by Diane Bandy, President of I.S.A.L.C. International Society of Animal License Collectors
The earliest known documentation of dog licenses was in 1446 in Utrecht, Holland and the fee for the license was to be paid in salt. Salt wonít cut it anymore for these valuable treasures that give collectors a slight glimpse into dog ownership hundreds of years ago. In the past, pets were a relative luxury, reserved for the wealthy.
A crossbred stray named Owney is a ëposter dogí for dog licenses. Owney was lucky enough to be adopted by postal workers and to travel the world on various trains carrying mail sacks. His frequent travels began in Albany, New York around 1888 and he became a popular, regular visitor on postal routes all over North America and even to the Far East. The postal clerks purchased a collar for him on which to place his identification tag and employees of the Railway Mail Service began adorning his new collar with metal tokens and tags. During a trip to Washington, D.C. a postmaster presented Owney with a harness and jacket so that his collection of medals could be proudly accumulated and displayed. His collection reached an exceptional 1,017 tags, including several pre-1900 dog licenses from cities in Nebraska, Kentucky, Wisconsin and Washington. So beloved by the Postal System, Owneyís body was preserved along with his unique harness, and is now on display at the National Postal Museum in Washington, D.C.
The oldest known American dog license is an 1853 Corporation of Fredericksburg, Virginia tag with the die makerís name ñ W.H. Bell ñ stamped on the front. Tags vary from city to city ñ some were more elaborate and others were rather standard. Chicago, Illinois, Baltimore, Maryland and Washington, D.C. created ornate, and attractive older metal dog tags. Shapes of tags range from round disks to cutout dog figurals, intricate numerical shapes, butterflies, doghouses, maltese crosses, state shaped planchets, acorns, bells, hearts, shields, stars, bee hives, locks, octagonal and scalloped bordered medallions. Events of the day had an impact on dog licenses, like everything else. During WWII, fiber composition tags were issued because brass and aluminum metals were needed to make shell casings and other military supplies for combat.
Originally, dog licenses were intended to be disposable and annually renewed. Many have been discarded years ago; however, dog tags are frequently being unearthed through the use of a metal detecter. Such discoveries are met with excitement, as even a buried, corroded or damaged tag has value to a collector if it is a rare specimen. Some particularly coveted tags were ornate or sentimental which were kept by the dogsí guardian and withstood the passing of time. Dog tags that were mounted on or hung from dog collars were often preserved as a memorial to a very special, beloved family pet.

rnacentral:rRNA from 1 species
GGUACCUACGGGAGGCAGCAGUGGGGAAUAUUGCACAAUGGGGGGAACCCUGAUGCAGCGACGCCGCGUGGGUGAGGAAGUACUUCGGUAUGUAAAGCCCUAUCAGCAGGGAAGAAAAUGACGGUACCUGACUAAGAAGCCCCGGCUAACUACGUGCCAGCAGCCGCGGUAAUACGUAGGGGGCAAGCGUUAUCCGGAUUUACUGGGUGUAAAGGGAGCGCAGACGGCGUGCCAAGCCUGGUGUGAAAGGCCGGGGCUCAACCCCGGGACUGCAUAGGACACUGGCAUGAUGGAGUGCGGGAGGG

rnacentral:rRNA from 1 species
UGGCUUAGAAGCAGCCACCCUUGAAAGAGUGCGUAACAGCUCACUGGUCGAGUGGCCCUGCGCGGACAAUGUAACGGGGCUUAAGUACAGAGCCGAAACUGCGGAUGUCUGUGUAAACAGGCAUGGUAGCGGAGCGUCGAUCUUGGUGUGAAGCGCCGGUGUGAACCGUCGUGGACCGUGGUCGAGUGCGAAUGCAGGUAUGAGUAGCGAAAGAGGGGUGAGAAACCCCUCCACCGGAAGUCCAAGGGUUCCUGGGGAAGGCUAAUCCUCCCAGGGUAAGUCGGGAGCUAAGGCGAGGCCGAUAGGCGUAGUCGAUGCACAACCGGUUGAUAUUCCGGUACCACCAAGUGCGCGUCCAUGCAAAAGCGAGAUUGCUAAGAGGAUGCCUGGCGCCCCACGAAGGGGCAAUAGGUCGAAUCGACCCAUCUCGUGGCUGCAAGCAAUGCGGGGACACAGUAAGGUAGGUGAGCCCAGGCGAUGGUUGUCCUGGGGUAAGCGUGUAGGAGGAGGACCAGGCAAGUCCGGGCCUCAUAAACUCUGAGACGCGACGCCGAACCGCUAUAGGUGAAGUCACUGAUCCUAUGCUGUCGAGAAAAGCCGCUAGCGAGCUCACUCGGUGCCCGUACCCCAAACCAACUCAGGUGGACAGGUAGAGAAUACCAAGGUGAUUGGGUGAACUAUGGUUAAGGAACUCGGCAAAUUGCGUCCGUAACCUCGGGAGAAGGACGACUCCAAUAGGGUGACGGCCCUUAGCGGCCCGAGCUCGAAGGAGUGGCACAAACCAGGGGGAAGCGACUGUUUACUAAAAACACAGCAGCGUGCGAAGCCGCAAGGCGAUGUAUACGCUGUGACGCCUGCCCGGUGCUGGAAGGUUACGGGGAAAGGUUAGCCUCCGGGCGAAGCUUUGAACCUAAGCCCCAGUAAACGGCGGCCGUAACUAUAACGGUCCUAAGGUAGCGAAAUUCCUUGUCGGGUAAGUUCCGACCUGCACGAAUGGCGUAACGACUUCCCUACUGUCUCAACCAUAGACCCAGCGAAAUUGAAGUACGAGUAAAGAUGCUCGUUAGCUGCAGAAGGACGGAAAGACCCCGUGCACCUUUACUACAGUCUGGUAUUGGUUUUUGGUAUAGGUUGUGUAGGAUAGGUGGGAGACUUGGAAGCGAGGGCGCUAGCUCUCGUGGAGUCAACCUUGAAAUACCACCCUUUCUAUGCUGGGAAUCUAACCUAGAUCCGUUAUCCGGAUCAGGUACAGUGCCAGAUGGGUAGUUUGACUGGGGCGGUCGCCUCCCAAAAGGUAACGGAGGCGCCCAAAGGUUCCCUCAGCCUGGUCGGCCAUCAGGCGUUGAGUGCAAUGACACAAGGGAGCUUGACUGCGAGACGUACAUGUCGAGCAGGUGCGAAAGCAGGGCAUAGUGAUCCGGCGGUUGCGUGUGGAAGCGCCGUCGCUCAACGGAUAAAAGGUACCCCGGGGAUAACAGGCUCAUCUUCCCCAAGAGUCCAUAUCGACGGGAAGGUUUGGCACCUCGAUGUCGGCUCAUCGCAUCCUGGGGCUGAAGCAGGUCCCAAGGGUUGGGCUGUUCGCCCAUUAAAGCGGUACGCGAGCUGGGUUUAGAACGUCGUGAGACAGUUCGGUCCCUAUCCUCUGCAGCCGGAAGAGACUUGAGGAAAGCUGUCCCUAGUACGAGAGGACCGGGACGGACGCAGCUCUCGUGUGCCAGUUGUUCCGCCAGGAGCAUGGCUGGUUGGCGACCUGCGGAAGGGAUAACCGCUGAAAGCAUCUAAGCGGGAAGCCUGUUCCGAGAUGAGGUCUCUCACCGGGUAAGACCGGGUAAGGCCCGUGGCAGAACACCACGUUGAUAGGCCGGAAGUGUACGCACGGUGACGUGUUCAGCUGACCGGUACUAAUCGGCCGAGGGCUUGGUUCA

Historically, the fees collected from dog licenses have been earmarked for good causes. The tax money that was generated from licensing canines went towards orphans, the poor and livestock owners. Currently, John Weinstein, treasurer of Allegheny county, Pennsylvania has created a fund called AAARF for neglected and abused animals that can be donated to when sending in yearly license forms and fees. This fund is connected to the annual licensing requirements, but is an additional option for county residents to heighten awareness and prosecution of animal abuse.
Antique dog licenses are gaining value and popularity. Many pre -1900 dog tax tags are so rare that only a single specimen is known to exist. Early paper dog licenses came in a variety of colors, with or without a lithograph / wood engraving of a dog, the dogsí sex, age, breed, color and name on the front. The signature of the town clerk or county treasurer was also listed. On the backs of many, were detailed symptoms of hydrophobia (rabies) and advice to owners.
These bowser-baubles are easy to acquire on eBay internet auctions, boasting between 50-100 listings at any given time. Individual, common tag prices range from $1.00-$9.99, while unique figurals, early 1900s, numerals or circular dog cutout patterned tags may rein in a price tag of $40.00-$50.00. The highest price paid for a dog tag on eBay was $555.55 in 2002 for a rare, star shaped Sante Fe, New Mexico 1894 territorial tag. A relatively rare, pre-1900 tag in good condition will fetch from between $120.00 – $350.00 on average.
Other possible avenues for starting or adding to a collection are local flea markets and token shows. European tags arenít commanding the same price as American tags, because the demand is not as strong. Many European pre-1900 licenses are very well designed with dog head and body figurals, in particular those from the Netherlands and Austria. Current, worldwide dog tags are typically made of aluminum and they are particularly disposable and are not very durable.
The island of Bermuda has begun to use stainless steel tags that are permanently used throughout the dogs life. Their license fees are steep and strictly enforced due to careless breeders, dog fighting and overpopulation. Most American cities and counties are reducing license fees to those who spay and neuter their pets. Senior citizens also receive discounted fees. This hobby will always remain unique and exciting. Each tag retains a certain wear pattern, patina, its own serial number…and an untold story behind it.
For the Best that Pet Lifestyle and Animal Welfare has to offer follow Wendy Diamond on Facebook, Twitter, and right here at AnimalFair.com!